Thursday, March 22, 2012

Election Year in America

Mitt Romney’s quest for the nomination of his party got another boost in Illinois this week, but it appears to be an increasingly quixotic quest at best. Aside from the likelihood that the debilitating primary combat may have significantly diminished the value of the Republican nomination, the debased state of American politics (thanks in no small measure to the antics of the candidates and their compatriots in Congress) may well render even the ultimate prize of the Presidency pretty worthless. Granted, even the diminished President of an escapist society in increasingly dangerous denial about the nature and scope of its problems still gets his ruffles and flourishes and lots of other honors and perks (many of them for life). But is it really worth the price? By which I don’t just mean money. Indeed, money appears to be no issue at all for Romney, who seems to have a lot more money than seems even remotely just and who, presumably, has only gotten where he is in the contest because of his utterly unseemly financial advantage – an advantage, however, which he will not have to anything like that extent in the General Election. Perhaps the only long-lasting lesson from Romney’s financial advantage is its confirmation of the old adage, “Money can’t buy love.”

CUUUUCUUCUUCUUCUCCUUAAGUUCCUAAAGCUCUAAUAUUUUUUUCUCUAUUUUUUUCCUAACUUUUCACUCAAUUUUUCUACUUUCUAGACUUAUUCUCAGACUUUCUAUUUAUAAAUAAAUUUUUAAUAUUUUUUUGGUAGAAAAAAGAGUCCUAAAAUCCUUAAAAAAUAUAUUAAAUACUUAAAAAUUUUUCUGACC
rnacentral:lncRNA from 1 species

While in Rome these past few months, I often lamented the European news media’s greater attention (in comparison with US media) to Sports – reflecting, of course, European culture’s clear obsession with soccer and other such strange diversions. Coming home, I marvel at the American media’s apparent obsession with presidential election politics. I don’t think the average American is anywhere nearly as obsessed with politics as the average European seems to be with soccer. (Even less likely is a widespread interest in the nuances of public policy). But I do think that both the appallingly vacuous character of the campaign and the comparably appalling character of the media coverage do in some way reflect the increasingly bizarre way in which we as a society have come to filter reality. So there is little reason to suppose that the summer-autumn competition between Obama and Romney (a competition between almost archetypical representatives of their two respective out-of-touch elites) will be any more illuminating, any more substantive any more relevant to resolving our most pressing problems than the present primary circus has been.

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